Kendra: Hopeless isn’t only a label, like you said – they are also very charitable. How much has working at a label that gives back affected your life personally?
Erin: I’ve been profoundly affected by Sub City (Hopeless’ non-profit) and our mission to make a positive impact in everything we do. To be honest, I don’t know if I would have made the leap into music without knowing that Hopeless was also socially-conscious and a label that valued non-profit work. I think that it’s a really important part of our label culture, and I think that working on campaigns like the Take Action Tour and compilations have allowed me to take a step back from the day to day and recognize that we are a part of a community, and that there are tangible ways we can make a difference in the world.
Kendra: What’s a release coming up from Hopeless that you’re particularly excited for?
Erin: It’s hard to choose one, but I’m really excited to release All Time Low’s Straight To DVD II: Past, Present and Future Hearts CD/DVD on August 26th. I think fans are going to be really happy with the documentary and the live show. I think it’s a really great, honest, look at the band and everything that makes them special. I remember when we first signed the band out of high school, and to see them grow into the artists that they are today, while staying humble and kind, is really amazing.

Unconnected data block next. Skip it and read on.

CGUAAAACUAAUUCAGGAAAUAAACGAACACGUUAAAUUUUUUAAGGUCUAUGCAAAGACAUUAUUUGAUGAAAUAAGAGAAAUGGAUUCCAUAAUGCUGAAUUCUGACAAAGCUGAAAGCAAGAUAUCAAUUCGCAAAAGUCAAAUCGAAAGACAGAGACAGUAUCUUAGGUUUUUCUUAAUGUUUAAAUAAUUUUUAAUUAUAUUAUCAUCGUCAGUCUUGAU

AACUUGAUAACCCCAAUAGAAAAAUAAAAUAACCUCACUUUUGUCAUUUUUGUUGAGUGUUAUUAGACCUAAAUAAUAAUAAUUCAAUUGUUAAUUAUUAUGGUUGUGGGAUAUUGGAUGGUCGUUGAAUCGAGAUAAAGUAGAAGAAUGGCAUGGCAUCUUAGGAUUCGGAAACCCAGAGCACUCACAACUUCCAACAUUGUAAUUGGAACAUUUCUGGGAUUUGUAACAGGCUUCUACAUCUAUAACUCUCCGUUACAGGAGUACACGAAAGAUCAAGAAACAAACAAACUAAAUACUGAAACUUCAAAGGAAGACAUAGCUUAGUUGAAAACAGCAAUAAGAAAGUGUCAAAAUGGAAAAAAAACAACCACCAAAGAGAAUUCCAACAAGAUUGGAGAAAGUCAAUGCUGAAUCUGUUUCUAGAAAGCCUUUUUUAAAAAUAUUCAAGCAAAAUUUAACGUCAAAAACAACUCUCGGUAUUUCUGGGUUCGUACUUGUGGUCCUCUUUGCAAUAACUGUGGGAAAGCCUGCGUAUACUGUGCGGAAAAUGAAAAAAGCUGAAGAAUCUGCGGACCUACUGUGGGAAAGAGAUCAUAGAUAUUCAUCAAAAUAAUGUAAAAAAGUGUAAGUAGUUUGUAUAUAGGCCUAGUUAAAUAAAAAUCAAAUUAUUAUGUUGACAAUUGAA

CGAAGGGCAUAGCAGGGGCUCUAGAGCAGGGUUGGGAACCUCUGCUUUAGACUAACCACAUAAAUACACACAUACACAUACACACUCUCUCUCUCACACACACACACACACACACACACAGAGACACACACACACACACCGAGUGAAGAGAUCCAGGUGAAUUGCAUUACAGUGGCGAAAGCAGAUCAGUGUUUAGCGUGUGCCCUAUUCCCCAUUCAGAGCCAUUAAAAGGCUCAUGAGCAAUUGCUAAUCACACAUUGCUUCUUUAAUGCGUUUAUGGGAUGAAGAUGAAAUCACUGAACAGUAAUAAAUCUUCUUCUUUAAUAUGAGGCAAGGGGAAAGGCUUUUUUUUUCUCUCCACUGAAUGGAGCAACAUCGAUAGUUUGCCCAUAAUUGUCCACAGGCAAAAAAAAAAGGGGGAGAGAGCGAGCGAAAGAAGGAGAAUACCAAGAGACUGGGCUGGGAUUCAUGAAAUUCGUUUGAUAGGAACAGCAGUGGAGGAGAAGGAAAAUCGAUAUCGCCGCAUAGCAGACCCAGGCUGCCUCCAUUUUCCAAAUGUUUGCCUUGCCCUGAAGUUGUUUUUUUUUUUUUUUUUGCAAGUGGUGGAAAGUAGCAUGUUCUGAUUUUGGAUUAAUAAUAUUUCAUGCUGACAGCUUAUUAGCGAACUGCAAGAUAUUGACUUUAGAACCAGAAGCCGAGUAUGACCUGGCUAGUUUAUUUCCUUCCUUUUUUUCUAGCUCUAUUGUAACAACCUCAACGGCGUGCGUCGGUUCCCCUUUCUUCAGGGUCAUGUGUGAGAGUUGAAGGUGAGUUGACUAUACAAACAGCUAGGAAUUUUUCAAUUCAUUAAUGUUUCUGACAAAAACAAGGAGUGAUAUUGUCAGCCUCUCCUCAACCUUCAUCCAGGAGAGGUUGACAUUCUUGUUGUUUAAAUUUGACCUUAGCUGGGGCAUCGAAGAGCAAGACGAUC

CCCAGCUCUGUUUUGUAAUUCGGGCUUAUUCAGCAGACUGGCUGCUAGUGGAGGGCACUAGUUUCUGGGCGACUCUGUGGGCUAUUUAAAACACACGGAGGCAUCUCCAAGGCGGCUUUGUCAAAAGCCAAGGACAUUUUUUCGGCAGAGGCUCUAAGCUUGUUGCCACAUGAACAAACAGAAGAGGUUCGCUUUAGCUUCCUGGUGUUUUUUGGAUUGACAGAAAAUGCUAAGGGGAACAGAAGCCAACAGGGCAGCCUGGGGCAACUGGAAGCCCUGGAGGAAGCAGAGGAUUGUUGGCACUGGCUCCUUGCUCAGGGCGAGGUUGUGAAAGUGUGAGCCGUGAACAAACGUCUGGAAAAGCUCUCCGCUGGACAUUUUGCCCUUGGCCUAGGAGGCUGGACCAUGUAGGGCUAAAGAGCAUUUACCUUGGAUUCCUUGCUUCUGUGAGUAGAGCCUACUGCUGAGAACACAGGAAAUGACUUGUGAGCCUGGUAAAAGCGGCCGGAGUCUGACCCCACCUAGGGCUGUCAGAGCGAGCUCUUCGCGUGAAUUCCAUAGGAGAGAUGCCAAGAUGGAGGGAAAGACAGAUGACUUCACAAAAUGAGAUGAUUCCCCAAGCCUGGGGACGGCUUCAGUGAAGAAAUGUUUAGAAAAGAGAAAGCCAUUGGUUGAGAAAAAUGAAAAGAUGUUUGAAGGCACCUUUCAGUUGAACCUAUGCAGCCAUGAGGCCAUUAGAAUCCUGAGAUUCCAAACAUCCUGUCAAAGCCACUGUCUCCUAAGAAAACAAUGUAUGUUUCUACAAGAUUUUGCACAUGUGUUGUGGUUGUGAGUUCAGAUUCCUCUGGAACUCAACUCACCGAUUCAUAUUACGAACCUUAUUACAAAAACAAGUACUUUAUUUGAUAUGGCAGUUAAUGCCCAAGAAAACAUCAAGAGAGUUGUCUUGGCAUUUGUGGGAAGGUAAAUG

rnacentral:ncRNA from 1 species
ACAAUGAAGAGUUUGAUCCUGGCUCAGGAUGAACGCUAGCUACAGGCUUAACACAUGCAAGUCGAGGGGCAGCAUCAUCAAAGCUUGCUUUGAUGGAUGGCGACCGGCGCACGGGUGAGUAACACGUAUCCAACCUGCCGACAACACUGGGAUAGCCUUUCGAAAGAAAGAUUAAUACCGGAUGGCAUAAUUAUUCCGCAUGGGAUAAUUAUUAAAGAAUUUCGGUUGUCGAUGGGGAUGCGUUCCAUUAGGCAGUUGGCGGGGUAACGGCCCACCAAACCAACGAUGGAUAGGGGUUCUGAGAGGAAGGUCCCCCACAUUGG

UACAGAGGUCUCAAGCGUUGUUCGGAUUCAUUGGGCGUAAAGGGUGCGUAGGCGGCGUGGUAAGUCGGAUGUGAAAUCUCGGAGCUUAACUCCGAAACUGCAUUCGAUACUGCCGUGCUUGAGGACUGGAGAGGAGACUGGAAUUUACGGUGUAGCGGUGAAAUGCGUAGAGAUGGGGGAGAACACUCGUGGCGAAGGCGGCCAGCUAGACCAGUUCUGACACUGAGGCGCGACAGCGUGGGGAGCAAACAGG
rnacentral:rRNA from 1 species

Kendra: I don’t want to make you pick favorites from your roster. So instead, if you had to make a mixtape of when you were feeling your most hopeless, what five songs would have to be on it?